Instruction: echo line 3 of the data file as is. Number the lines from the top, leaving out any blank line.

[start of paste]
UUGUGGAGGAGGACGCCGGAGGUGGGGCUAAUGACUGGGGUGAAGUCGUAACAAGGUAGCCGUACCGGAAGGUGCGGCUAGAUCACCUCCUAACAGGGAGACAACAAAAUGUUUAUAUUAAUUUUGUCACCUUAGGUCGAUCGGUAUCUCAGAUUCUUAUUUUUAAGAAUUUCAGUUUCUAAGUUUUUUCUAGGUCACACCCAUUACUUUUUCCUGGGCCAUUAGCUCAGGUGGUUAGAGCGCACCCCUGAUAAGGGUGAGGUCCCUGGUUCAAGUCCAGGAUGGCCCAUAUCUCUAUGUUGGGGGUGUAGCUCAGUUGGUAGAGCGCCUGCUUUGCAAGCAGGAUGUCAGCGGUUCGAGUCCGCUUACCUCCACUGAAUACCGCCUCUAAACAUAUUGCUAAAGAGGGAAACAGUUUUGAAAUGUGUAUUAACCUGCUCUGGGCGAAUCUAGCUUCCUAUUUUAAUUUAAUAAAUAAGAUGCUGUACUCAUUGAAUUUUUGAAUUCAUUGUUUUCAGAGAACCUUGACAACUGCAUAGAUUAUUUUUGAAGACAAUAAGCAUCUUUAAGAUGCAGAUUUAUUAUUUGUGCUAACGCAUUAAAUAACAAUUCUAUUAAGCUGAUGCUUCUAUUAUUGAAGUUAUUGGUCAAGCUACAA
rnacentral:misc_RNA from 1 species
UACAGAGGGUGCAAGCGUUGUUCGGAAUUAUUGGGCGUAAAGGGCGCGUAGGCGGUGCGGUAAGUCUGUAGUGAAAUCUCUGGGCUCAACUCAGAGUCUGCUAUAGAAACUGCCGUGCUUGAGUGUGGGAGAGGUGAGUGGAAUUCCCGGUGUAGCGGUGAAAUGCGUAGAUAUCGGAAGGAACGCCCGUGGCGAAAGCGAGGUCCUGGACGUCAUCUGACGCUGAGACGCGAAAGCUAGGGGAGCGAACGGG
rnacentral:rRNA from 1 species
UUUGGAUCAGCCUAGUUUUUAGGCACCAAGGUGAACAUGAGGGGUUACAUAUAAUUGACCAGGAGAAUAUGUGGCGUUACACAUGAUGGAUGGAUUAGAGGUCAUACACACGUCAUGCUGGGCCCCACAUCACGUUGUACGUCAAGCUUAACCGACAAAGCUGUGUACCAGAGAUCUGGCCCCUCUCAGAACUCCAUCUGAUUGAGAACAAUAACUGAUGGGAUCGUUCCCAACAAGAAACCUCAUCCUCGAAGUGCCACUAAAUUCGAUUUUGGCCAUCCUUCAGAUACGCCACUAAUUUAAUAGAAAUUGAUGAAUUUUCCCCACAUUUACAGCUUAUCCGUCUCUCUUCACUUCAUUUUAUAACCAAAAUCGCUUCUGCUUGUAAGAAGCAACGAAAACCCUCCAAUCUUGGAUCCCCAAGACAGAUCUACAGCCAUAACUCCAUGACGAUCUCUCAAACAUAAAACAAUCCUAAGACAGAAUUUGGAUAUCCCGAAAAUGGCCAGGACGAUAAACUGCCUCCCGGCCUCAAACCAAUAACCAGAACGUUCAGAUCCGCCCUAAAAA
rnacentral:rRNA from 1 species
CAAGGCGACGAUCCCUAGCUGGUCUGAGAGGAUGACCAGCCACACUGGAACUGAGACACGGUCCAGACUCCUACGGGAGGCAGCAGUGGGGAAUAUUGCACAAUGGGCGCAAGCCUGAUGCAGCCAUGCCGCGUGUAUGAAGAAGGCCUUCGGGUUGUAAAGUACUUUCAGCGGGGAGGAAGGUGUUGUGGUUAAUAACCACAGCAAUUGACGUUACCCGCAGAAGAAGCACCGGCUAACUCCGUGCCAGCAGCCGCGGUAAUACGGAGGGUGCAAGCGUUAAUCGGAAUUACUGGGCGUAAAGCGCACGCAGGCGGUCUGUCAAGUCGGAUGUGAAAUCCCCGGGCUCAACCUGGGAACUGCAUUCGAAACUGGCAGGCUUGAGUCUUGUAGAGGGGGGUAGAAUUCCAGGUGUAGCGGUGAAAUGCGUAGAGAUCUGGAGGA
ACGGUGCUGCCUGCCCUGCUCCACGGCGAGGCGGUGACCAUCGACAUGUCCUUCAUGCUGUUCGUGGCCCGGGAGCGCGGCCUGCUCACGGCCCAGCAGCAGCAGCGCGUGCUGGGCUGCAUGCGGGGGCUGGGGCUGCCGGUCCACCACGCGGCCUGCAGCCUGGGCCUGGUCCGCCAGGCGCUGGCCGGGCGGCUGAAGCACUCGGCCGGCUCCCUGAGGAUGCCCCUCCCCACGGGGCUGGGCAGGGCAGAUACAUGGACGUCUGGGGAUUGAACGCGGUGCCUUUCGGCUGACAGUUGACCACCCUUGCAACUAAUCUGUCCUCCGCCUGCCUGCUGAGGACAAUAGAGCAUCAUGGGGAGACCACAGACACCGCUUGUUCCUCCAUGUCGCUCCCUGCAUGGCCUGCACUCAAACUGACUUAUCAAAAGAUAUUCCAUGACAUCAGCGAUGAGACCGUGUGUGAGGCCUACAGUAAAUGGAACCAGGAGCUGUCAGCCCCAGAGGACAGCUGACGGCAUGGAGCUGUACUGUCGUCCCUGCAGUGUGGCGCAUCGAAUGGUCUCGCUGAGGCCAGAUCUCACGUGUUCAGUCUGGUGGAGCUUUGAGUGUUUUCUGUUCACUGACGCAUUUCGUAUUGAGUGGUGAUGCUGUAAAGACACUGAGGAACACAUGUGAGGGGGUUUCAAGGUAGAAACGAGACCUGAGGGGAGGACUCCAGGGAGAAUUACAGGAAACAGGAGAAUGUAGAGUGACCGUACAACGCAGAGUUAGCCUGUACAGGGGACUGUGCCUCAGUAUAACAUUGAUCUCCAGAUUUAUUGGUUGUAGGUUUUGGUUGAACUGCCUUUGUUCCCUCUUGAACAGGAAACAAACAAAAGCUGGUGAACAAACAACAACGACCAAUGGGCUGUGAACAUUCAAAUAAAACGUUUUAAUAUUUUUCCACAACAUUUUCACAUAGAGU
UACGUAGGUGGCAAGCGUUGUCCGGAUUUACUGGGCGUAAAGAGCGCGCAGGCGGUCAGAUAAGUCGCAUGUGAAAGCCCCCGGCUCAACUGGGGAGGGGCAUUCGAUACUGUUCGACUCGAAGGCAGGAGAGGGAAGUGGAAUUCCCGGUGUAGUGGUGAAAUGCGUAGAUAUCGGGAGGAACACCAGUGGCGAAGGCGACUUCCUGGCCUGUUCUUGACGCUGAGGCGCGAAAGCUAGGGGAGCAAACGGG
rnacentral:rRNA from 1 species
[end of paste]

UACAGAGGGUGCAAGCGUUGUUCGGAAUUAUUGGGCGUAAAGGGCGCGUAGGCGGUGCGGUAAGUCUGUAGUGAAAUCUCUGGGCUCAACUCAGAGUCUGCUAUAGAAACUGCCGUGCUUGAGUGUGGGAGAGGUGAGUGGAAUUCCCGGUGUAGCGGUGAAAUGCGUAGAUAUCGGAAGGAACGCCCGUGGCGAAAGCGAGGUCCUGGACGUCAUCUGACGCUGAGACGCGAAAGCUAGGGGAGCGAACGGG